Interview with Dee Herb of Quality Wine and Spirits

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1.  How long have you been a wine distributor here?  What kinds of trends are you seeing with people taking chances, getting more sophisticated?

I was born and raised here , and  have been a wine distributor here for eighteen years.  Ten years with a big wholesaler who had just started here at the time, and the last eight years with Quality Wine and Spirits.  When I started , we had two world class restaurants, Elizabeth’s @ 37th and 45 South.  I, like a lot of people at that time, learned the art of food and wine from tasting with  the Butch brothers at Elizabeth’s . In the mid 1990’s , Nuevo Southern Cuisine was really becoming popular , and they were at the forefront of that movement along with Frank Stitt  in Birmingham. We did a James Beard Dinner together in Manhattan three weeks after 9/11, which was  incredible and emotional  on so many levels.

On the retail side at that time, there were two major players, Johnnie Ganem’s  and Habersham Beverage.  I was fortunate to be able  taste incredible  old vintages  at Ganems, and I learned the business side of wine from Jeff Walsh at Habersham Beverage, calling on him every Monday for seven years. Wine critics were starting to shape the retail side of the wine business, and he was way ahead of the game as far as that goes.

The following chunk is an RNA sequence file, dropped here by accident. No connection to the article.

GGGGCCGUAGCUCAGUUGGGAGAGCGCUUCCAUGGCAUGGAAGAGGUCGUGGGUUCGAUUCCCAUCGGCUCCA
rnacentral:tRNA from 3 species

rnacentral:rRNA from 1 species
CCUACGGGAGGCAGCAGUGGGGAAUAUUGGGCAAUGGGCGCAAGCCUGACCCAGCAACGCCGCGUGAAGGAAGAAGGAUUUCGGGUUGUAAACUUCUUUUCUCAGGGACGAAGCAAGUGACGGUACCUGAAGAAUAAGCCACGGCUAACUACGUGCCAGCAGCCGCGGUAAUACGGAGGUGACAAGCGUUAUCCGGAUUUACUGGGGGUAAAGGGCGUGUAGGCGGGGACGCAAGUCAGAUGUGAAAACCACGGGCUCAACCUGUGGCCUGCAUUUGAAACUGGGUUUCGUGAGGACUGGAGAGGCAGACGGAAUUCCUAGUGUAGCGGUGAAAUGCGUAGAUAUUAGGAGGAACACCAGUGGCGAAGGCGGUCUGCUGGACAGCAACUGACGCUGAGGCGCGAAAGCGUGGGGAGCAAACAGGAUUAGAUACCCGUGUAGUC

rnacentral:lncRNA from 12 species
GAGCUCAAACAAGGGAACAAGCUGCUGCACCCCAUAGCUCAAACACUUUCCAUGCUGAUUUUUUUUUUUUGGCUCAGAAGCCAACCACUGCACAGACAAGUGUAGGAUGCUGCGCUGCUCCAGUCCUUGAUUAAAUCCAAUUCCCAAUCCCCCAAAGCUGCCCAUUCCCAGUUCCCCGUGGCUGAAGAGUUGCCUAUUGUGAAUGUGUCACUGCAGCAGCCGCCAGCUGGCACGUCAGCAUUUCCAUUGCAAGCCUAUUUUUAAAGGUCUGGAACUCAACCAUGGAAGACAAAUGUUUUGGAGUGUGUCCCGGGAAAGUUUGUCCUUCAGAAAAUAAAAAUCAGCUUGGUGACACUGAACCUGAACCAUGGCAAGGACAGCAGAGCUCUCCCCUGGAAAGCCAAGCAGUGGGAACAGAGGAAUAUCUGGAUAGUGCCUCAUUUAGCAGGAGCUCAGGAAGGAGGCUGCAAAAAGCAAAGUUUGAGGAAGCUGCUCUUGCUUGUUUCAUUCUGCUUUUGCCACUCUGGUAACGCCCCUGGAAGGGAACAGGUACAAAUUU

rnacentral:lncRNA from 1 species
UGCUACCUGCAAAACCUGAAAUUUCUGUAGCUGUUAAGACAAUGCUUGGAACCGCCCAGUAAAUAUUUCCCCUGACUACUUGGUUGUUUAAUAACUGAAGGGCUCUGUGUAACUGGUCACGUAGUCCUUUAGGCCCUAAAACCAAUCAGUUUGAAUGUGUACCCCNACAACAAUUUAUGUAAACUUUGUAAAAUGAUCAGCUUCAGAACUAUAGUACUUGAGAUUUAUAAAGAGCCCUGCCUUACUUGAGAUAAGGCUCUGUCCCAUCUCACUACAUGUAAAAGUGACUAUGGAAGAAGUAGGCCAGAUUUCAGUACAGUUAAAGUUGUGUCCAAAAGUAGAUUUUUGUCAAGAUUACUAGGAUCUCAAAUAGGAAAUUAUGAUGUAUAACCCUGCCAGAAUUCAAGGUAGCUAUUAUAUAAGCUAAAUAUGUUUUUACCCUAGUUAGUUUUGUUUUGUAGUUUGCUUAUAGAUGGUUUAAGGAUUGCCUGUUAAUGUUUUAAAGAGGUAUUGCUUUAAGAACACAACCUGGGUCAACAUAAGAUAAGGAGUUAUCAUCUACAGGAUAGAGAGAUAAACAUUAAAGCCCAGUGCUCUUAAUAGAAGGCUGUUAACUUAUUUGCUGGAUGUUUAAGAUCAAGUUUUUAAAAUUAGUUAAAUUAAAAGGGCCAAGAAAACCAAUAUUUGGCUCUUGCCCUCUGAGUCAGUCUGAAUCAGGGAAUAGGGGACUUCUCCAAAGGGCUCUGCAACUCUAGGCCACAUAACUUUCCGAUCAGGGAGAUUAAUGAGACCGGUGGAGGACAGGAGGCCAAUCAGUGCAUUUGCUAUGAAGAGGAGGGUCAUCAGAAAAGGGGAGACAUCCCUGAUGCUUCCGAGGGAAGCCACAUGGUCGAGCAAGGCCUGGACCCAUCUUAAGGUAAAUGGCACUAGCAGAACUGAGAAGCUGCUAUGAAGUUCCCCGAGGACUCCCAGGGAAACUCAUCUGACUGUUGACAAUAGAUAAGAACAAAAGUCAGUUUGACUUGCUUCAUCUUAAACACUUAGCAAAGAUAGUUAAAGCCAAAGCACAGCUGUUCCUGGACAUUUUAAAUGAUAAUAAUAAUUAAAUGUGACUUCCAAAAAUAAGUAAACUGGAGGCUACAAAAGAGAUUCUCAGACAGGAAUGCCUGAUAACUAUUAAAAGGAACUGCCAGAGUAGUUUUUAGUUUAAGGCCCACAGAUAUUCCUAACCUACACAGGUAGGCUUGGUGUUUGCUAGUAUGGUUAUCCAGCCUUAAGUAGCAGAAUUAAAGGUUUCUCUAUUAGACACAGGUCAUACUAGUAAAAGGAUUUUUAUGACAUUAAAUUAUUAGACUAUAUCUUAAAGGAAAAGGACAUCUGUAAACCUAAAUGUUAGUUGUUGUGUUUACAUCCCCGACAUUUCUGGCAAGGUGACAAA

Now , options for purchasing wines is so incredibly diverse , with wine shops all over town offering different selections. We feel our company has the one of the best wine books in the world, and there are so many retail shops and restaurants now that think outside the box.  Farm to table is the thing right now, and farm wineries fit right along with it. We constantly preach wine made by people, not machines, and Savannah in the last five years has really embraced that.  Just go to the Forsyth Farmer’s market on Saturday morning or stop by Davis Produce , and you see local chefs from around town buying for their restaurants. I don’t know if sophisticated is the right term, but I think practical would be a better description. Americans are becoming more European in the way we eat and drink. When people shop now, they buy fresh ingredients, and look for wines that pair well with them. You can’t turn on the TV without seeing a cooking show, and people are really becoming foodies on their own.

2.  Are price points going up?  What does that tell you?

Well, you have to be careful when thinking the economy is getting better, but it seems people are eating out more and entertaining.  During the height of the recession, wines that retailed over $25 really took a hit. Now, those wines are pulling again, and with some recent tough vintages in California, those wines have the same quality but lower yields. There are less to buy, and they are being snapped up quickly.  People are more savvy about wine than they have ever been, and young professionals are really shaping the wine and restaurant business.  Farm wineries, artisan spirits, and craft beer is the future , and people are not really loyal to certain brands any more, as in previous generations.